Are your employees stressed? Three things you can do to reduce stress in the workplace

Employee Engagement

Since the beginning of 2023, the most dominant negative emotion chosen across all Inpulse surveys was ‘stressed’, with almost a fifth of respondents (18%) selecting this emotion. This is in response to the unique Inpulse question ‘How do you feel about working at [your organisation]?’ where people can select up to two emotions. 

When looking at the verbatim comments for why people feel stressed, the main reason is due to workload. This is not a slight majority, the overwhelming majority of people are saying heavy workload is causing them to feel stressed. Heavy workload and the pressure that comes with this is having a significant impact on people’s wellbeing (both physical and mental) and their work life balance. Since the beginning of 2023 and across all Inpulse surveys, only 69% of people feel they can achieve a balance between their work and home life.

Alongside the high levels of stress, ‘unappreciated’ has been the second most dominant negative emotion chosen, with 15% of respondents selecting this emotion since the beginning of 2023. This is predominantly due to them not being thanked or recognised for their efforts. Essentially, people feel they are doing more (increased workload) yet don’t feel that is being recognised or acknowledged. Furthermore, the fact that the workload issue hasn’t been addressed by senior leaders has exacerbated the feelings of unappreciation as people don’t think the company cares about them.

So why has workload become such a major issue? Has workload actually increased in recent years or are people just more aware of it now?

From our experience and wider research, there are three macro-level trends that are impacting workload:

  1. The economic climate means organisations are having to make redundancies and/or people are leaving the company and not being replaced, thus there is a reduced workforce so increased workload for those that have remained. Additionally, to address the financial pressures that companies are feeling, they have heightened targets and KPIs in order to cover additional costs/ inflation which has in turn increased the pressure people are feeling at work.
  2. Due to the rapid change in working arrangements (mass move to hybrid working) over recent years, internal systems and processes are lagging behind as they have not yet caught up with the new working world, so they have become barriers to efficiency. Thus, causing frustration as they are impacting people being able to undertake their role effectively.
  3. People’s attitude towards work has shifted. Since the COVID pandemic, people value work-life balance more and are more aware of maintaining a good balance, protecting their boundaries so they can make time for what is most important to them. Thus, their awareness of their workload has heightened and their capacity for work has decreased.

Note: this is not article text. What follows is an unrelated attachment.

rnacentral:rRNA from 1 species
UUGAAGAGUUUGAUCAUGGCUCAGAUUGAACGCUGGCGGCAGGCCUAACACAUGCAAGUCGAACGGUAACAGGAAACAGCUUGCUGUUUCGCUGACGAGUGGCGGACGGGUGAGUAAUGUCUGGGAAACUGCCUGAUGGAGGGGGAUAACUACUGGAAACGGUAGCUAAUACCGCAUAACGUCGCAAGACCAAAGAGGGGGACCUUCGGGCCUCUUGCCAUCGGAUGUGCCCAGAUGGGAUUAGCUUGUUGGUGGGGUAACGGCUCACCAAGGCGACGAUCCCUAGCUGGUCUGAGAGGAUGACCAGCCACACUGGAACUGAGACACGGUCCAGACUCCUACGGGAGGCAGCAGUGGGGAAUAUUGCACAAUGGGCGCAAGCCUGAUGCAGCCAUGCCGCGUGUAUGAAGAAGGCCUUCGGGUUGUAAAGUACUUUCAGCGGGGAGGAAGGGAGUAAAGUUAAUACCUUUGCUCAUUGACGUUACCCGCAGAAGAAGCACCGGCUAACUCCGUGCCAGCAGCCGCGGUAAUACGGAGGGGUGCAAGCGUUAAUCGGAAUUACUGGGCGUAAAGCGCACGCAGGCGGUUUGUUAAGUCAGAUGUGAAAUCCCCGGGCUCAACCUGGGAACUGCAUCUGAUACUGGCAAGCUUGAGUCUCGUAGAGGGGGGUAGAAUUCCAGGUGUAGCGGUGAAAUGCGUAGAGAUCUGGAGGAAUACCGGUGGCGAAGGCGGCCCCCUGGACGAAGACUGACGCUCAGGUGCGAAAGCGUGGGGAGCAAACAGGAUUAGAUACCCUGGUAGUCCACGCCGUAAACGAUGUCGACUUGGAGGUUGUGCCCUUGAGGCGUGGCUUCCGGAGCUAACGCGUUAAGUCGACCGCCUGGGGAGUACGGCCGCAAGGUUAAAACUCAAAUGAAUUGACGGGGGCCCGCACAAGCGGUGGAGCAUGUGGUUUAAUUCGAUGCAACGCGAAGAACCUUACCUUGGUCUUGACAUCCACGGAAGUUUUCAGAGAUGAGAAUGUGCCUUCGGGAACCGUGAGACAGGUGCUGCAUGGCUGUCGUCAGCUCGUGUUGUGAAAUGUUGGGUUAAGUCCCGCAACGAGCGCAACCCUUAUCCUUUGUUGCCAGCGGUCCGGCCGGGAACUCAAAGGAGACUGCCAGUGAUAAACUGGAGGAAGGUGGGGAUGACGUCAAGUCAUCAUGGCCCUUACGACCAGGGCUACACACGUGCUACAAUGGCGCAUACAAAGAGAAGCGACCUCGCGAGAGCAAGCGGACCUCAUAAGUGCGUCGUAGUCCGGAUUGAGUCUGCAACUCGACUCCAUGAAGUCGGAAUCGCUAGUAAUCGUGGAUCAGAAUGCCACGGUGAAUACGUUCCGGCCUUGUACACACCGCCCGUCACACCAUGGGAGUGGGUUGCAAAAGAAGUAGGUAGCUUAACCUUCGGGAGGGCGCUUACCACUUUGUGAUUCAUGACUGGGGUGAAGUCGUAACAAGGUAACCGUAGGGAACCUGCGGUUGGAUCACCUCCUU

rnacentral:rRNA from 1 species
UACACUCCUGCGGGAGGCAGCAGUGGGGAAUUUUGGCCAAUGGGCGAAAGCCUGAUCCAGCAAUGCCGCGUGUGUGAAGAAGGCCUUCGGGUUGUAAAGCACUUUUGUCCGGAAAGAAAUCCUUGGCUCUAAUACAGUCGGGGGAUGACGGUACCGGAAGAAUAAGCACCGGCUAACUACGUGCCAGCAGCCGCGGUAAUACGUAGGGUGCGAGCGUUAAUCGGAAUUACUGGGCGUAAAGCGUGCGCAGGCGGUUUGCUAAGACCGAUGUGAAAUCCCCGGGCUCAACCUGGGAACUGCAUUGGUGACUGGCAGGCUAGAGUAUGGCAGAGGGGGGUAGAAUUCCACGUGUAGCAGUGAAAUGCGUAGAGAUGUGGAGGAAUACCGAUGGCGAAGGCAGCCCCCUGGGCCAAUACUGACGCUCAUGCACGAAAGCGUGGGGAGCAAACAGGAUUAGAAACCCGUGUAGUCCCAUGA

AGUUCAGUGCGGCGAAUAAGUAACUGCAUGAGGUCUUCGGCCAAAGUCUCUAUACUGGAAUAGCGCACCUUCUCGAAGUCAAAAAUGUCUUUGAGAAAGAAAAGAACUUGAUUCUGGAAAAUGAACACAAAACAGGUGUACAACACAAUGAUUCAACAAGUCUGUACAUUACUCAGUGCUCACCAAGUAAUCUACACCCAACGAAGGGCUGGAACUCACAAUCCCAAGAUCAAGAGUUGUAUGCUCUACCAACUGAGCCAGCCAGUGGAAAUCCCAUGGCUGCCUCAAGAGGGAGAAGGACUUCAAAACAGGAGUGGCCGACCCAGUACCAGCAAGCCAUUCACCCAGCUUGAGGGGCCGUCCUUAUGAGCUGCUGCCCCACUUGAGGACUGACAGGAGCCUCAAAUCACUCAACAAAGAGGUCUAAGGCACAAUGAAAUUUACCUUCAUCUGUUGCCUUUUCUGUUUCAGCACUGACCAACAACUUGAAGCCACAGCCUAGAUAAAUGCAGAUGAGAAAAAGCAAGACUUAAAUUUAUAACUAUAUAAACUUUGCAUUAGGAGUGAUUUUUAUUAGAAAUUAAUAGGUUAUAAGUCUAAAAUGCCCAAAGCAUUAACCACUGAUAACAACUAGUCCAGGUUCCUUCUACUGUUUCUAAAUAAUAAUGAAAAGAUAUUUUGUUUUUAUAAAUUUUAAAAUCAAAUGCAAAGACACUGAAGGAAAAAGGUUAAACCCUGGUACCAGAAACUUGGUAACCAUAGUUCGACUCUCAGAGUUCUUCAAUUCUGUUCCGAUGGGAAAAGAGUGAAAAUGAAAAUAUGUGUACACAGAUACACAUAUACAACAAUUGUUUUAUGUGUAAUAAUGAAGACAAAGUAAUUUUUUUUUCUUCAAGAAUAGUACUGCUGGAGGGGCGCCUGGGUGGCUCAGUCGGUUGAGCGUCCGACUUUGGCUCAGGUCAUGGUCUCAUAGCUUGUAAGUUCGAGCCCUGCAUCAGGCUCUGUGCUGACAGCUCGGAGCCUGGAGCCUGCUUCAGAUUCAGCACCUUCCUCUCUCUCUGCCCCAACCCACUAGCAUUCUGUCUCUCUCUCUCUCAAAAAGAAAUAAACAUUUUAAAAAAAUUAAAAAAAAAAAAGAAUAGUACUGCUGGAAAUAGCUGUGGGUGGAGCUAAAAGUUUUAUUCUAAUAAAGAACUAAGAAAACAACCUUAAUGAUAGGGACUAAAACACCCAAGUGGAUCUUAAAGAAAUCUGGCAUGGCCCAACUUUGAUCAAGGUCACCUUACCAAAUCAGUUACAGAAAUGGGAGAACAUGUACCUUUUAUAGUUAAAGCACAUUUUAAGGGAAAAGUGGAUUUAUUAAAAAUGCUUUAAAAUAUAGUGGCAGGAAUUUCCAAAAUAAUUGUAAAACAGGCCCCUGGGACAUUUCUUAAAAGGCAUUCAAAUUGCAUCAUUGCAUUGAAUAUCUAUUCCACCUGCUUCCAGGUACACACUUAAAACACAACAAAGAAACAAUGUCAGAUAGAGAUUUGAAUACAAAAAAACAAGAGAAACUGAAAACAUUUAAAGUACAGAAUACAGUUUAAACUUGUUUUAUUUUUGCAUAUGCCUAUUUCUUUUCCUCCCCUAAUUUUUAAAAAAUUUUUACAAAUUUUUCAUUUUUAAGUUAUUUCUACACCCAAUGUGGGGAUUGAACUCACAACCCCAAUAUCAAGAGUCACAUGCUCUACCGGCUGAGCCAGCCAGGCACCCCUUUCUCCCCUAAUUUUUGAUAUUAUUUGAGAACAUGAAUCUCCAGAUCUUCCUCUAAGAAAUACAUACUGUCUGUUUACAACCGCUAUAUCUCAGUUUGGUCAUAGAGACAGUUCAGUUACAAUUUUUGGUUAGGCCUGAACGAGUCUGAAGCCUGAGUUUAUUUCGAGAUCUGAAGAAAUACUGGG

Why is it important organisations address the issue of workload? 

Well, firstly, if you fundamentally care about your people then you should want to do something about it because high workload is affecting their wellbeing. That’s the human perspective. Secondly, from a business perspective, our data shows that workload is one of the main reasons why people consider leaving their organisation within the next 12 months so if you want to retain your people then you need to do something about this.

So, what can you do? 

Our data and insights show that this issue of workload isn’t shifting. It’s been an issue for the last 2 years and will continue to be unless significant action is taken. It’s not a simple fix. It requires making tough decisions and investing resource and finances. It’s not rocket science, but it does require commitment from all levels of leadership. 

Here are three actions you can take to have a significant impact on reducing the workload and pressure your people are feeling:

  1. Extend deadlines to deliver projects – where you may have given three months for a project previously, extend this to six months to enable people to complete that project and other competing priorities.
  2. Postpone or cancel projects that aren’t essential right now – review all internal projects and identify those that are essential and those that can be postponed or cancelled. This prioritisation will help filter out unnecessary projects or initiatives that you can come back to or may decide are no longer required.
  3. Allocate more budget for resource – this obviously depends on your financial situation and may not be feasible. However, where possible, investing in additional resource to lighten the load on others will help – even if it is short term contracts or outsourcing specific tasks and responsibilities.

Of course, these actions may impact your bottom line and slow down your pace of change, but the cost of your people’s wellbeing and likelihood of them leaving will prove far more costly in the end.

Master Engagement Throughout the Employee Lifecycle